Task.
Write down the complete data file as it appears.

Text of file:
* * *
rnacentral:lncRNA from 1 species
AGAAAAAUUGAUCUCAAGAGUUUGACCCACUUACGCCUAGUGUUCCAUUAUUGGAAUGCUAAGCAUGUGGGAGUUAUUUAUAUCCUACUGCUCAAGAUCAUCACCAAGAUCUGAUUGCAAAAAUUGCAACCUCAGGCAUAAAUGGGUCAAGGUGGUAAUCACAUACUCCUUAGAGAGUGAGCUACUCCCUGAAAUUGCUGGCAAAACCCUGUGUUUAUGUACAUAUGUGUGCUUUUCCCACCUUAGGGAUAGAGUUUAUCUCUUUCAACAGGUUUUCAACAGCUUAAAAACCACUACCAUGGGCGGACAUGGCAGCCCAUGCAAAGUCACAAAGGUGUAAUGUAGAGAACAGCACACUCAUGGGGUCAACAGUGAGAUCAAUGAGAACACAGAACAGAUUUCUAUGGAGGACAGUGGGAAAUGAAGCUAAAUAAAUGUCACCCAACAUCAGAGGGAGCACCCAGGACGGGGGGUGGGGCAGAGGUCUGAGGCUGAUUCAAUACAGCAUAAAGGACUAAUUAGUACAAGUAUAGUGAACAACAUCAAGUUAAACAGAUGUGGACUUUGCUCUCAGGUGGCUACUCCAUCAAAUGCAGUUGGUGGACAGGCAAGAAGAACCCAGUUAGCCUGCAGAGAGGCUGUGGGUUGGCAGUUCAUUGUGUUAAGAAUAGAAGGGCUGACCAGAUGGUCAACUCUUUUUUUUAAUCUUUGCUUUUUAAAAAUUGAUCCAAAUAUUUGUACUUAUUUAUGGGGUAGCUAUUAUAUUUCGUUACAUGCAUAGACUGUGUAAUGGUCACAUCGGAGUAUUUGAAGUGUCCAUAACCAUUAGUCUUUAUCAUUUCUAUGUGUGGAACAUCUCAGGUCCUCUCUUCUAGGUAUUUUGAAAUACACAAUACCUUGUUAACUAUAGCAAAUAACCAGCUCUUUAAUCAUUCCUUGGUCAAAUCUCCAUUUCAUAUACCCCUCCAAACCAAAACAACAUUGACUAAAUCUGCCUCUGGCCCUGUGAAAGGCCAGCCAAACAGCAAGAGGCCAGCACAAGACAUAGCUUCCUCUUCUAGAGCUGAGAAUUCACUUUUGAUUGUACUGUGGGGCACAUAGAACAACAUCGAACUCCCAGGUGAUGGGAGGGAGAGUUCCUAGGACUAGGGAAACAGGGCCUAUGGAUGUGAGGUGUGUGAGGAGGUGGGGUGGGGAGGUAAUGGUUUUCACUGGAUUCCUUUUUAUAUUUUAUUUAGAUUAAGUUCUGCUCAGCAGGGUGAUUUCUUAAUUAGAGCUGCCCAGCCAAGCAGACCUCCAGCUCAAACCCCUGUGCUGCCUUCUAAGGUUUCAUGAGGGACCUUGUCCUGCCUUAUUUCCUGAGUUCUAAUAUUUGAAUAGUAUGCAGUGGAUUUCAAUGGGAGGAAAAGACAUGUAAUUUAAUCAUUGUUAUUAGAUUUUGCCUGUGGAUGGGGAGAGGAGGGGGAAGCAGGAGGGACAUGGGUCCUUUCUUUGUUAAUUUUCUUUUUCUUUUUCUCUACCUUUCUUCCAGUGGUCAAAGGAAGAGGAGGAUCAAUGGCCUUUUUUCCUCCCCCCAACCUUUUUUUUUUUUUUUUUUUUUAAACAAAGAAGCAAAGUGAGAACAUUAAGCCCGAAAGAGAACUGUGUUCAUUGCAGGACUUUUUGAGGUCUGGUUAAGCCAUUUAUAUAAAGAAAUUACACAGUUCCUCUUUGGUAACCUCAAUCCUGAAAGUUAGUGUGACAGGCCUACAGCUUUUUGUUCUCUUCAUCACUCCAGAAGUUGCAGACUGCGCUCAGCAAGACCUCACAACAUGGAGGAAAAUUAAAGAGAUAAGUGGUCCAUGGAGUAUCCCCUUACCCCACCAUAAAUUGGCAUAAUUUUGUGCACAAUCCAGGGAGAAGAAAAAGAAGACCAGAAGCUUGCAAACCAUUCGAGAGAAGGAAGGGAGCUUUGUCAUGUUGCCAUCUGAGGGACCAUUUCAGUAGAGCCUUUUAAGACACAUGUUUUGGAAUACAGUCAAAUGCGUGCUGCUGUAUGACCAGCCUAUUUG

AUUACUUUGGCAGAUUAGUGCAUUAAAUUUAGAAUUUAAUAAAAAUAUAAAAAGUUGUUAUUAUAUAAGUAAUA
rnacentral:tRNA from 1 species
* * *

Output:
rnacentral:lncRNA from 1 species
AGAAAAAUUGAUCUCAAGAGUUUGACCCACUUACGCCUAGUGUUCCAUUAUUGGAAUGCUAAGCAUGUGGGAGUUAUUUAUAUCCUACUGCUCAAGAUCAUCACCAAGAUCUGAUUGCAAAAAUUGCAACCUCAGGCAUAAAUGGGUCAAGGUGGUAAUCACAUACUCCUUAGAGAGUGAGCUACUCCCUGAAAUUGCUGGCAAAACCCUGUGUUUAUGUACAUAUGUGUGCUUUUCCCACCUUAGGGAUAGAGUUUAUCUCUUUCAACAGGUUUUCAACAGCUUAAAAACCACUACCAUGGGCGGACAUGGCAGCCCAUGCAAAGUCACAAAGGUGUAAUGUAGAGAACAGCACACUCAUGGGGUCAACAGUGAGAUCAAUGAGAACACAGAACAGAUUUCUAUGGAGGACAGUGGGAAAUGAAGCUAAAUAAAUGUCACCCAACAUCAGAGGGAGCACCCAGGACGGGGGGUGGGGCAGAGGUCUGAGGCUGAUUCAAUACAGCAUAAAGGACUAAUUAGUACAAGUAUAGUGAACAACAUCAAGUUAAACAGAUGUGGACUUUGCUCUCAGGUGGCUACUCCAUCAAAUGCAGUUGGUGGACAGGCAAGAAGAACCCAGUUAGCCUGCAGAGAGGCUGUGGGUUGGCAGUUCAUUGUGUUAAGAAUAGAAGGGCUGACCAGAUGGUCAACUCUUUUUUUUAAUCUUUGCUUUUUAAAAAUUGAUCCAAAUAUUUGUACUUAUUUAUGGGGUAGCUAUUAUAUUUCGUUACAUGCAUAGACUGUGUAAUGGUCACAUCGGAGUAUUUGAAGUGUCCAUAACCAUUAGUCUUUAUCAUUUCUAUGUGUGGAACAUCUCAGGUCCUCUCUUCUAGGUAUUUUGAAAUACACAAUACCUUGUUAACUAUAGCAAAUAACCAGCUCUUUAAUCAUUCCUUGGUCAAAUCUCCAUUUCAUAUACCCCUCCAAACCAAAACAACAUUGACUAAAUCUGCCUCUGGCCCUGUGAAAGGCCAGCCAAACAGCAAGAGGCCAGCACAAGACAUAGCUUCCUCUUCUAGAGCUGAGAAUUCACUUUUGAUUGUACUGUGGGGCACAUAGAACAACAUCGAACUCCCAGGUGAUGGGAGGGAGAGUUCCUAGGACUAGGGAAACAGGGCCUAUGGAUGUGAGGUGUGUGAGGAGGUGGGGUGGGGAGGUAAUGGUUUUCACUGGAUUCCUUUUUAUAUUUUAUUUAGAUUAAGUUCUGCUCAGCAGGGUGAUUUCUUAAUUAGAGCUGCCCAGCCAAGCAGACCUCCAGCUCAAACCCCUGUGCUGCCUUCUAAGGUUUCAUGAGGGACCUUGUCCUGCCUUAUUUCCUGAGUUCUAAUAUUUGAAUAGUAUGCAGUGGAUUUCAAUGGGAGGAAAAGACAUGUAAUUUAAUCAUUGUUAUUAGAUUUUGCCUGUGGAUGGGGAGAGGAGGGGGAAGCAGGAGGGACAUGGGUCCUUUCUUUGUUAAUUUUCUUUUUCUUUUUCUCUACCUUUCUUCCAGUGGUCAAAGGAAGAGGAGGAUCAAUGGCCUUUUUUCCUCCCCCCAACCUUUUUUUUUUUUUUUUUUUUUAAACAAAGAAGCAAAGUGAGAACAUUAAGCCCGAAAGAGAACUGUGUUCAUUGCAGGACUUUUUGAGGUCUGGUUAAGCCAUUUAUAUAAAGAAAUUACACAGUUCCUCUUUGGUAACCUCAAUCCUGAAAGUUAGUGUGACAGGCCUACAGCUUUUUGUUCUCUUCAUCACUCCAGAAGUUGCAGACUGCGCUCAGCAAGACCUCACAACAUGGAGGAAAAUUAAAGAGAUAAGUGGUCCAUGGAGUAUCCCCUUACCCCACCAUAAAUUGGCAUAAUUUUGUGCACAAUCCAGGGAGAAGAAAAAGAAGACCAGAAGCUUGCAAACCAUUCGAGAGAAGGAAGGGAGCUUUGUCAUGUUGCCAUCUGAGGGACCAUUUCAGUAGAGCCUUUUAAGACACAUGUUUUGGAAUACAGUCAAAUGCGUGCUGCUGUAUGACCAGCCUAUUUG

AUUACUUUGGCAGAUUAGUGCAUUAAAUUUAGAAUUUAAUAAAAAUAUAAAAAGUUGUUAUUAUAUAAGUAAUA
rnacentral:tRNA from 1 species